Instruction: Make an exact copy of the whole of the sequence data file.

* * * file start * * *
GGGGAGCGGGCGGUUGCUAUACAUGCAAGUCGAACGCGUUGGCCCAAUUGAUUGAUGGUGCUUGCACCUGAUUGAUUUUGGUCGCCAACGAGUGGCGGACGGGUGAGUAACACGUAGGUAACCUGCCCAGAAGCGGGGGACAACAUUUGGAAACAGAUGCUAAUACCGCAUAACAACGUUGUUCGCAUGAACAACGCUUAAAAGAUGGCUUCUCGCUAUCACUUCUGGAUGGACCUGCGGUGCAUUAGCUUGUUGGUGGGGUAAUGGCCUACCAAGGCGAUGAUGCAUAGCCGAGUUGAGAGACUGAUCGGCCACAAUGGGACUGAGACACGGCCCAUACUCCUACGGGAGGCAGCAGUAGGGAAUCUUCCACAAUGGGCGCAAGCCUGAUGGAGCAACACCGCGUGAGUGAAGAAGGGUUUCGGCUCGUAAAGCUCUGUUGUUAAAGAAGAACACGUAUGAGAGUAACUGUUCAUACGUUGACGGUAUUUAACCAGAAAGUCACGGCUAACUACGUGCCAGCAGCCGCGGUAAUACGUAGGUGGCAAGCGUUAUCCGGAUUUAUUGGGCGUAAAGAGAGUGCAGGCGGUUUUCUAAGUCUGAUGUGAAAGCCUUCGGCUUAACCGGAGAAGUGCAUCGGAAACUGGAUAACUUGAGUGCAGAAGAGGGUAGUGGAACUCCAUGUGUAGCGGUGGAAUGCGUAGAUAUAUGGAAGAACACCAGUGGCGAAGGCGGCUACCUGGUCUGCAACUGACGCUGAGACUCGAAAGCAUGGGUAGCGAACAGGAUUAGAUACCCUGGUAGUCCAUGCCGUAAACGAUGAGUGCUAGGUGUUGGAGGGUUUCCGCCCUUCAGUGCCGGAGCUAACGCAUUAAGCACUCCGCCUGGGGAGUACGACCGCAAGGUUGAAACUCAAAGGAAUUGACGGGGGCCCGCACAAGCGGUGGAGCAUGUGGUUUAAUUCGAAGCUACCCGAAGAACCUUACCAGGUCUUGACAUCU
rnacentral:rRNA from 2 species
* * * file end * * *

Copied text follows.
GGGGAGCGGGCGGUUGCUAUACAUGCAAGUCGAACGCGUUGGCCCAAUUGAUUGAUGGUGCUUGCACCUGAUUGAUUUUGGUCGCCAACGAGUGGCGGACGGGUGAGUAACACGUAGGUAACCUGCCCAGAAGCGGGGGACAACAUUUGGAAACAGAUGCUAAUACCGCAUAACAACGUUGUUCGCAUGAACAACGCUUAAAAGAUGGCUUCUCGCUAUCACUUCUGGAUGGACCUGCGGUGCAUUAGCUUGUUGGUGGGGUAAUGGCCUACCAAGGCGAUGAUGCAUAGCCGAGUUGAGAGACUGAUCGGCCACAAUGGGACUGAGACACGGCCCAUACUCCUACGGGAGGCAGCAGUAGGGAAUCUUCCACAAUGGGCGCAAGCCUGAUGGAGCAACACCGCGUGAGUGAAGAAGGGUUUCGGCUCGUAAAGCUCUGUUGUUAAAGAAGAACACGUAUGAGAGUAACUGUUCAUACGUUGACGGUAUUUAACCAGAAAGUCACGGCUAACUACGUGCCAGCAGCCGCGGUAAUACGUAGGUGGCAAGCGUUAUCCGGAUUUAUUGGGCGUAAAGAGAGUGCAGGCGGUUUUCUAAGUCUGAUGUGAAAGCCUUCGGCUUAACCGGAGAAGUGCAUCGGAAACUGGAUAACUUGAGUGCAGAAGAGGGUAGUGGAACUCCAUGUGUAGCGGUGGAAUGCGUAGAUAUAUGGAAGAACACCAGUGGCGAAGGCGGCUACCUGGUCUGCAACUGACGCUGAGACUCGAAAGCAUGGGUAGCGAACAGGAUUAGAUACCCUGGUAGUCCAUGCCGUAAACGAUGAGUGCUAGGUGUUGGAGGGUUUCCGCCCUUCAGUGCCGGAGCUAACGCAUUAAGCACUCCGCCUGGGGAGUACGACCGCAAGGUUGAAACUCAAAGGAAUUGACGGGGGCCCGCACAAGCGGUGGAGCAUGUGGUUUAAUUCGAAGCUACCCGAAGAACCUUACCAGGUCUUGACAUCU
rnacentral:rRNA from 2 species